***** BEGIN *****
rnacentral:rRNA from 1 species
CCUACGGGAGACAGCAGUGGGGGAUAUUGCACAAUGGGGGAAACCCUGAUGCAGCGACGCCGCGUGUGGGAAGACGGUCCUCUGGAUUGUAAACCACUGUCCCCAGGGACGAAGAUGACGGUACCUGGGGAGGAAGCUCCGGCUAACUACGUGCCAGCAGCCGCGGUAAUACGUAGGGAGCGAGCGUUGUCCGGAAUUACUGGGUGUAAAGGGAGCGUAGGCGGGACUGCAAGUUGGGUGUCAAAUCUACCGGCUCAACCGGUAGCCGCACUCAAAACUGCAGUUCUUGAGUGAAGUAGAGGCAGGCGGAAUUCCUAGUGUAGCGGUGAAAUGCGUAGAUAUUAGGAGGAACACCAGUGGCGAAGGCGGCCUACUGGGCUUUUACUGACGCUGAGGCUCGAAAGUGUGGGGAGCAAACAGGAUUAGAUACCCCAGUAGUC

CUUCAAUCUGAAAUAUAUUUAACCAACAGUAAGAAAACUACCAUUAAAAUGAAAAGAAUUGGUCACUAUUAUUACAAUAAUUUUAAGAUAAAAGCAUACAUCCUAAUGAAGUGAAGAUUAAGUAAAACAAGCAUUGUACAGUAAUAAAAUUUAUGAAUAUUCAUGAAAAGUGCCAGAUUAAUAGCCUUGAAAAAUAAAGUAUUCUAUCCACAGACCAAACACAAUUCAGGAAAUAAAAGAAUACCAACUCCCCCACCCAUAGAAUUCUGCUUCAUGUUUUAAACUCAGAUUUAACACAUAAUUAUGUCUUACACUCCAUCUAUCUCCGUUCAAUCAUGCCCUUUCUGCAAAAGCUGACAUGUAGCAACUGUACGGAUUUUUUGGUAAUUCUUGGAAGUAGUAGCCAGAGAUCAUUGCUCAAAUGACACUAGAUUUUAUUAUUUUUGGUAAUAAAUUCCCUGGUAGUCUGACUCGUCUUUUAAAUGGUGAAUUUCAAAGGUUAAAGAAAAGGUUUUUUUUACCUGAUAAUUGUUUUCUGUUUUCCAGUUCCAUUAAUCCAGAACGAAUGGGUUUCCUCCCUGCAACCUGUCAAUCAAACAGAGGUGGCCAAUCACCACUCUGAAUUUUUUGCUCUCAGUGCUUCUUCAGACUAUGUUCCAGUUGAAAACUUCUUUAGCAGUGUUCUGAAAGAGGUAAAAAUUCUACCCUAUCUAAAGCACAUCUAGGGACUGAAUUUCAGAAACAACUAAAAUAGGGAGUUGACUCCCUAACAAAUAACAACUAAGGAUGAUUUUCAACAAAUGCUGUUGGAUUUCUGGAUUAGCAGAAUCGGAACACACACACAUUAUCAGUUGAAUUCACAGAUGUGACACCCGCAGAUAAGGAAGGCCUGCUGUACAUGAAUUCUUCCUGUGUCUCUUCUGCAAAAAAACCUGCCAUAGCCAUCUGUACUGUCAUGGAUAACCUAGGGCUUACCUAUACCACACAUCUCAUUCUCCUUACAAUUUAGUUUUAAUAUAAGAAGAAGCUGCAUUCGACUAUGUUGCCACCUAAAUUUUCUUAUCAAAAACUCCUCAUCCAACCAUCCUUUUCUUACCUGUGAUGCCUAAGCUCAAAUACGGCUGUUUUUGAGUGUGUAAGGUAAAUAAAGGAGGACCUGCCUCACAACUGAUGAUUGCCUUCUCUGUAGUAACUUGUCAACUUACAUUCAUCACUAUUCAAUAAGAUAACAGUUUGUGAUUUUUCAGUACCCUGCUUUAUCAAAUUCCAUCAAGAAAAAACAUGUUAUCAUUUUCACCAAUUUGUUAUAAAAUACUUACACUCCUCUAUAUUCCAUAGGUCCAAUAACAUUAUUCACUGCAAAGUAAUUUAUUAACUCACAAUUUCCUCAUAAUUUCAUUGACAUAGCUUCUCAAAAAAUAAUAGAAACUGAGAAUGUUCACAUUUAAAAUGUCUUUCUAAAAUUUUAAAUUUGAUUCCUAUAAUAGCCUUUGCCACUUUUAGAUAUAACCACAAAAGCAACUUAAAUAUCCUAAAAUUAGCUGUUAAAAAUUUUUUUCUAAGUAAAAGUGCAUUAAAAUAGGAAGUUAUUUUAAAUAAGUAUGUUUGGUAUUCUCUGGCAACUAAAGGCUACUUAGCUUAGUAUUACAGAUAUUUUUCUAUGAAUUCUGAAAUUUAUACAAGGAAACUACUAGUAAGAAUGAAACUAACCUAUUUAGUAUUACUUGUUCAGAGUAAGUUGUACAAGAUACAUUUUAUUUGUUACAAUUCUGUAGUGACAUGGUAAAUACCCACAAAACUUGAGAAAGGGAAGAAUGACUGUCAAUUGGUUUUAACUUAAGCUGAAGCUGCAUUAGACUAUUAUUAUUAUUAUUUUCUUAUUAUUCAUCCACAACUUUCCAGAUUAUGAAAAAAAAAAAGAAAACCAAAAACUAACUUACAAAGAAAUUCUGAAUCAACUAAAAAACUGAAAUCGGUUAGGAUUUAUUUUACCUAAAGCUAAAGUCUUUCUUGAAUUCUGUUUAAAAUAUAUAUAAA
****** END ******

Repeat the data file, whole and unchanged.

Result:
rnacentral:rRNA from 1 species
CCUACGGGAGACAGCAGUGGGGGAUAUUGCACAAUGGGGGAAACCCUGAUGCAGCGACGCCGCGUGUGGGAAGACGGUCCUCUGGAUUGUAAACCACUGUCCCCAGGGACGAAGAUGACGGUACCUGGGGAGGAAGCUCCGGCUAACUACGUGCCAGCAGCCGCGGUAAUACGUAGGGAGCGAGCGUUGUCCGGAAUUACUGGGUGUAAAGGGAGCGUAGGCGGGACUGCAAGUUGGGUGUCAAAUCUACCGGCUCAACCGGUAGCCGCACUCAAAACUGCAGUUCUUGAGUGAAGUAGAGGCAGGCGGAAUUCCUAGUGUAGCGGUGAAAUGCGUAGAUAUUAGGAGGAACACCAGUGGCGAAGGCGGCCUACUGGGCUUUUACUGACGCUGAGGCUCGAAAGUGUGGGGAGCAAACAGGAUUAGAUACCCCAGUAGUC

CUUCAAUCUGAAAUAUAUUUAACCAACAGUAAGAAAACUACCAUUAAAAUGAAAAGAAUUGGUCACUAUUAUUACAAUAAUUUUAAGAUAAAAGCAUACAUCCUAAUGAAGUGAAGAUUAAGUAAAACAAGCAUUGUACAGUAAUAAAAUUUAUGAAUAUUCAUGAAAAGUGCCAGAUUAAUAGCCUUGAAAAAUAAAGUAUUCUAUCCACAGACCAAACACAAUUCAGGAAAUAAAAGAAUACCAACUCCCCCACCCAUAGAAUUCUGCUUCAUGUUUUAAACUCAGAUUUAACACAUAAUUAUGUCUUACACUCCAUCUAUCUCCGUUCAAUCAUGCCCUUUCUGCAAAAGCUGACAUGUAGCAACUGUACGGAUUUUUUGGUAAUUCUUGGAAGUAGUAGCCAGAGAUCAUUGCUCAAAUGACACUAGAUUUUAUUAUUUUUGGUAAUAAAUUCCCUGGUAGUCUGACUCGUCUUUUAAAUGGUGAAUUUCAAAGGUUAAAGAAAAGGUUUUUUUUACCUGAUAAUUGUUUUCUGUUUUCCAGUUCCAUUAAUCCAGAACGAAUGGGUUUCCUCCCUGCAACCUGUCAAUCAAACAGAGGUGGCCAAUCACCACUCUGAAUUUUUUGCUCUCAGUGCUUCUUCAGACUAUGUUCCAGUUGAAAACUUCUUUAGCAGUGUUCUGAAAGAGGUAAAAAUUCUACCCUAUCUAAAGCACAUCUAGGGACUGAAUUUCAGAAACAACUAAAAUAGGGAGUUGACUCCCUAACAAAUAACAACUAAGGAUGAUUUUCAACAAAUGCUGUUGGAUUUCUGGAUUAGCAGAAUCGGAACACACACACAUUAUCAGUUGAAUUCACAGAUGUGACACCCGCAGAUAAGGAAGGCCUGCUGUACAUGAAUUCUUCCUGUGUCUCUUCUGCAAAAAAACCUGCCAUAGCCAUCUGUACUGUCAUGGAUAACCUAGGGCUUACCUAUACCACACAUCUCAUUCUCCUUACAAUUUAGUUUUAAUAUAAGAAGAAGCUGCAUUCGACUAUGUUGCCACCUAAAUUUUCUUAUCAAAAACUCCUCAUCCAACCAUCCUUUUCUUACCUGUGAUGCCUAAGCUCAAAUACGGCUGUUUUUGAGUGUGUAAGGUAAAUAAAGGAGGACCUGCCUCACAACUGAUGAUUGCCUUCUCUGUAGUAACUUGUCAACUUACAUUCAUCACUAUUCAAUAAGAUAACAGUUUGUGAUUUUUCAGUACCCUGCUUUAUCAAAUUCCAUCAAGAAAAAACAUGUUAUCAUUUUCACCAAUUUGUUAUAAAAUACUUACACUCCUCUAUAUUCCAUAGGUCCAAUAACAUUAUUCACUGCAAAGUAAUUUAUUAACUCACAAUUUCCUCAUAAUUUCAUUGACAUAGCUUCUCAAAAAAUAAUAGAAACUGAGAAUGUUCACAUUUAAAAUGUCUUUCUAAAAUUUUAAAUUUGAUUCCUAUAAUAGCCUUUGCCACUUUUAGAUAUAACCACAAAAGCAACUUAAAUAUCCUAAAAUUAGCUGUUAAAAAUUUUUUUCUAAGUAAAAGUGCAUUAAAAUAGGAAGUUAUUUUAAAUAAGUAUGUUUGGUAUUCUCUGGCAACUAAAGGCUACUUAGCUUAGUAUUACAGAUAUUUUUCUAUGAAUUCUGAAAUUUAUACAAGGAAACUACUAGUAAGAAUGAAACUAACCUAUUUAGUAUUACUUGUUCAGAGUAAGUUGUACAAGAUACAUUUUAUUUGUUACAAUUCUGUAGUGACAUGGUAAAUACCCACAAAACUUGAGAAAGGGAAGAAUGACUGUCAAUUGGUUUUAACUUAAGCUGAAGCUGCAUUAGACUAUUAUUAUUAUUAUUUUCUUAUUAUUCAUCCACAACUUUCCAGAUUAUGAAAAAAAAAAAGAAAACCAAAAACUAACUUACAAAGAAAUUCUGAAUCAACUAAAAAACUGAAAUCGGUUAGGAUUUAUUUUACCUAAAGCUAAAGUCUUUCUUGAAUUCUGUUUAAAAUAUAUAUAAA